The bid to try and stem nutrient pollution of Lake Taupo was projected to cost at least $80m, but has needed extra funding. The Waikato River has so far had $210m of taxpayer money directed at its rehabilitation. The Rotorua Lakes cleanup will cost at least the same. Al these projects are funded by some mix of central and local Government funding. All up, according to Environment Minister Amy Adams, New Zealanders have already had more than $450m of their tax bill committed to cleaning up their own lakes and rivers after farmers have finished with them. That, in any language, is a subsidy.

Then there’s the successful bid by New Zealand farmers to avoid paying for their share of air pollution under the Emissions Trading Scheme, from which they have been serially exempted, most lately until 2014. Agriculture is directly responsible for nearly half of all our greenhouse gas emissions – which, if we can’t reduce them, will cost us under deals we’ve variously committed to (and more recently, reneged on, but may well rejoin).

But while farming produces by far the lion’s share of climate-changing pollution, farmers have convinced successive governments that they cannot afford to pay for it, as the Emissions Trading Scheme requires them to. Instead, we’ve seen the more benign forestry and energy sectors get nailed. Meanwhile, the rest of the eventual bill for all those greenhouse gases has been pushed again to the taxpayer – ironically, the same taxpayer that farmers turn to when climate change bites down, seeking emergency drought relief.

Earlier this year, the Government announced a $400m seeding fund – the Irrigation Acceleration Fund – to help farmers water a further 420,000 hectares of land. Much of that irrigation is tipped for Canterbury where, this month, the region’s medical officer of health, Alistair Humphrey, reported that nitrate levels in a third of tested Canterbury groundwater supplies were already so high they posed a risk to infant health.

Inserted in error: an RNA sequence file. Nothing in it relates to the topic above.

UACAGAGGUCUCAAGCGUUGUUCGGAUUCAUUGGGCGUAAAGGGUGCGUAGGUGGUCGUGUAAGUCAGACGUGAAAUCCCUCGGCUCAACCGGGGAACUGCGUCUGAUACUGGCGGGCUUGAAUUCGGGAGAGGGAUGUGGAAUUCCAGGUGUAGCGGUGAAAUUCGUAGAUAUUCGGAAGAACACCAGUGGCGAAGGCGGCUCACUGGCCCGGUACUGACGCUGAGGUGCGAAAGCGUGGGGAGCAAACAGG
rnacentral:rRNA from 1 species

We shouldn’t be surprised that farmers keep externalising their costs – depleted and polluted water, climate emissions and eroded soils – onto consumers and taxpayers: most businesses do. But can we at least be honest about the fact that all these programmes – along with the vast-scale appropriation of fresh water that actually, the public was using for its own enjoyment, thank you – represent state support for farmers? In other words, subsidies. The semantics we’ve heard from Federated Farmers and Fonterra over the years have successfully obfuscated this obvious truth, but we badly need to revert to plain, honest language before we can have the next vitally important conversation.

First; let’s acknowledge that if farmers continue to insist that they cannot afford to pay for the costs of their own environmental damage, they are ipso facto admitting that their businesses are neither environmentally nor truly economically sustainable – a point freshwater campaigner Mike Joy has repeatedly made. So, in truth, farmers are not standing on their own two feet, but leaning heavily against us, the taxpayers. That gives us moral representation around the boardroom table. Nobody wants to put farmers out of business, but we’re entitled to a say in what happens next.